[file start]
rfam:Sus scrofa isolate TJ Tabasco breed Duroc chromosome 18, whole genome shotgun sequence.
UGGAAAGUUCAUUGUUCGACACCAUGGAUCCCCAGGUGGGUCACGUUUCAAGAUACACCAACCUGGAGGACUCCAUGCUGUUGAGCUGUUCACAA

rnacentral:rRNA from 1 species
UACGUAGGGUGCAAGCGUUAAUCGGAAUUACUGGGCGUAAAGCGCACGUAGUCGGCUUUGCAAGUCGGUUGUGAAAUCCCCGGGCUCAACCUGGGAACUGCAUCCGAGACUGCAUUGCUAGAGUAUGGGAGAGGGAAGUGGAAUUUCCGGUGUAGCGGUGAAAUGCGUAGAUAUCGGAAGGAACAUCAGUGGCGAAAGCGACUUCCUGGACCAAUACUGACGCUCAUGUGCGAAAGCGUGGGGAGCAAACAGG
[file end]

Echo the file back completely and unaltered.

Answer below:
rfam:Sus scrofa isolate TJ Tabasco breed Duroc chromosome 18, whole genome shotgun sequence.
UGGAAAGUUCAUUGUUCGACACCAUGGAUCCCCAGGUGGGUCACGUUUCAAGAUACACCAACCUGGAGGACUCCAUGCUGUUGAGCUGUUCACAA

rnacentral:rRNA from 1 species
UACGUAGGGUGCAAGCGUUAAUCGGAAUUACUGGGCGUAAAGCGCACGUAGUCGGCUUUGCAAGUCGGUUGUGAAAUCCCCGGGCUCAACCUGGGAACUGCAUCCGAGACUGCAUUGCUAGAGUAUGGGAGAGGGAAGUGGAAUUUCCGGUGUAGCGGUGAAAUGCGUAGAUAUCGGAAGGAACAUCAGUGGCGAAAGCGACUUCCUGGACCAAUACUGACGCUCAUGUGCGAAAGCGUGGGGAGCAAACAGG